This educational review describes the classification of paroxysmal events and a four-dimensional epilepsy classification system. Paroxysmal events are classified as epileptic and non-epileptic paroxysmal events. Non-epileptic events are, in turn, classified as psychogenic and organic paroxysmal events. The following four dimensions are used to classify epileptic paroxysmal events: ictal semiology, the epileptogenic zone, etiology, and comorbidities. Efforts are made to keep these four dimensions as independent as possible. The review also includes 12 educational vignettes and three more detailed case reports classified using the 2017 classification of the ILAE and the four-dimensional epilepsy classification. In addition, a case is described which is classified using the four-dimensional epilepsy classification with different degrees of precision by an emergency department physician, a neurologist, and an epileptologist. [Published with video sequences on www.epilepticdisorders.com].
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http://dx.doi.org/10.1684/epd.2019.1033DOI Listing
February 2019

Multiple hippocampal transections for intractable hippocampal epilepsy: Seizure outcome.

Epilepsy Behav 2016 05 8;58:86-90. Epub 2016 Apr 8.

University Hospitals Case Medical Center, Cleveland, OH, United States.

Purpose: The purpose of this study was to evaluate the seizure outcomes after transverse multiple hippocampal transections (MHTs) in 13 patients with intractable TLE.

Methods: Thirteen patients with normal memory scores, including 8 with nonlesional hippocampi on MRI, had temporal lobe epilepsy (TLE) necessitating depth electrode implantation. After confirming hippocampal seizure onset, they underwent MHT. Intraoperative monitoring was done with 5-6 hippocampal electrodes spaced at approximately 1-cm intervals and spike counting for 5-8min before each cut. The number of transections ranged between 4 and 7. Neuropsychological assessment was completed preoperatively and postoperatively for all patients and will be reported separately.

Results: Duration of epilepsy ranged between 5 and 55years. There were no complications. Intraoperatively, MHT resulted in marked spike reduction (p=0.003, paired t-test). Ten patients (77%) are seizure-free (average follow-up was 33months, range 20-65months) without medication changes. One of the 3 patients with persistent seizures had an MRI revealing incomplete transections, another had an additional neocortical seizure focus (as suggested by pure aphasic seizures), and the third had only 2 seizures in 4years, one of which occurred during antiseizure medication withdrawal. Verbal and visual memory outcomes will be reported separately. Right and left hippocampal volumes were not different preoperatively (n=12, p=0.64, Wilcoxon signed-rank test), but the transected hippocampal volume decreased postoperatively (p=0.0173).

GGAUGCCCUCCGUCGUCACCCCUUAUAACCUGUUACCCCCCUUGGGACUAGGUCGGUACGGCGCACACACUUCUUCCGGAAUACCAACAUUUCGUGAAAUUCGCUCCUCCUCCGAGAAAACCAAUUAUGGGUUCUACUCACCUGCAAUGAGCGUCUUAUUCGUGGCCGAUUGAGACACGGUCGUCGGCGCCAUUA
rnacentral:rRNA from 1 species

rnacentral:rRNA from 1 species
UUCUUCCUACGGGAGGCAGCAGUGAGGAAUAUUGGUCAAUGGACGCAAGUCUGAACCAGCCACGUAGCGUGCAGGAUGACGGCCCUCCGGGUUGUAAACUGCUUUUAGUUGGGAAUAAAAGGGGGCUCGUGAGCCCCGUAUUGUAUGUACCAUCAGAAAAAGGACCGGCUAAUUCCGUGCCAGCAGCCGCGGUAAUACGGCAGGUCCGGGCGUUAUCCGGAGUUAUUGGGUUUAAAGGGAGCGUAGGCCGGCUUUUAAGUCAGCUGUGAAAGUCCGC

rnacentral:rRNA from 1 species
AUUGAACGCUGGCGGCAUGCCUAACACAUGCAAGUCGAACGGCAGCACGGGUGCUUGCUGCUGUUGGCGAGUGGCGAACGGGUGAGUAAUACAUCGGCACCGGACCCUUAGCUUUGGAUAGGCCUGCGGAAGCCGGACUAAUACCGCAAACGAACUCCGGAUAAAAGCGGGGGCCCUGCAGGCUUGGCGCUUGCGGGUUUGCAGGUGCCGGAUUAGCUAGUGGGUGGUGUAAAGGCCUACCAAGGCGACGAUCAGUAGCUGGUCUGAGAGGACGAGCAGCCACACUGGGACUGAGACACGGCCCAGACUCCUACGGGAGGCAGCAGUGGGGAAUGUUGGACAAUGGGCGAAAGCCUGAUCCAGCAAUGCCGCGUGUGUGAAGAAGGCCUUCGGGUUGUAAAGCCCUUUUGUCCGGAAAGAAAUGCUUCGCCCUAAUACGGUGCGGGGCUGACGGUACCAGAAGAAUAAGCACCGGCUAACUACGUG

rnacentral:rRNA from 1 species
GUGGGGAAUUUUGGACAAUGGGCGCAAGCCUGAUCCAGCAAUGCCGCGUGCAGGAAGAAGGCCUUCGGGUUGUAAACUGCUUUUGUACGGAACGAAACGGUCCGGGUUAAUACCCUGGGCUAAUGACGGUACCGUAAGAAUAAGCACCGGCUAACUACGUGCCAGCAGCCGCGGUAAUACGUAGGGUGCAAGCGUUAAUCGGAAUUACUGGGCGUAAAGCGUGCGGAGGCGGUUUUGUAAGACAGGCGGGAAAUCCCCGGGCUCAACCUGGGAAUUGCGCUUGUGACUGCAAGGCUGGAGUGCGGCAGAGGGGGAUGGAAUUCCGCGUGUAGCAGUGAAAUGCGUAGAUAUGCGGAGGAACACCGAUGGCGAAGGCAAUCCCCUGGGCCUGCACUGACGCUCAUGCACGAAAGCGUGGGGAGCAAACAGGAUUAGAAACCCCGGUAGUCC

Conclusions: Multiple hippocampal transections provide an effective intervention and a safe alternative to temporal lobectomy in patients with hippocampal epilepsy.
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http://dx.doi.org/10.1016/j.yebeh.2016.03.004DOI Listing
May 2016

Lesion-negative anterior cingulate epilepsy.

Epileptic Disord 2015 Jun;17(2):134-42

Epilepsy Center, UH Case Medical Center, Cleveland, OH, USA.

MRI-negative anterior cingulate epilepsy is a rare entity. Herein, we describe a case of MRI and functional imaging-negative intractable frontal lobe epilepsy in which, initially, secondary bilateral synchrony of surface and intracranial EEG and non-lateralizing semiology rendered identification of the epileptogenic zone difficult. A staged bilateral stereotactic EEG exploration revealed a very focal, putative ictal onset zone in the right anterior cingulate gyrus, as evidenced by interictal and ictal high-frequency oscillations (at 250Hz) and induction of seizures from the same electrode contacts by 50-Hz low-intensity cortical stimulation. This was subsequently confirmed by ILAE class 1 outcome following resection of the ictal onset and irritative zones. Histopathological examination revealed focal cortical dysplasia type 1b (ILAE Commission, 2011) as the cause of epilepsy. The importance of anatomo-electro-clinical correlation is illustrated in this case in which semiological and electrophysiological features pointed to the anatomical localization of a challenging, MRI-negative epilepsy.
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http://dx.doi.org/10.1684/epd.2015.0749DOI Listing
June 2015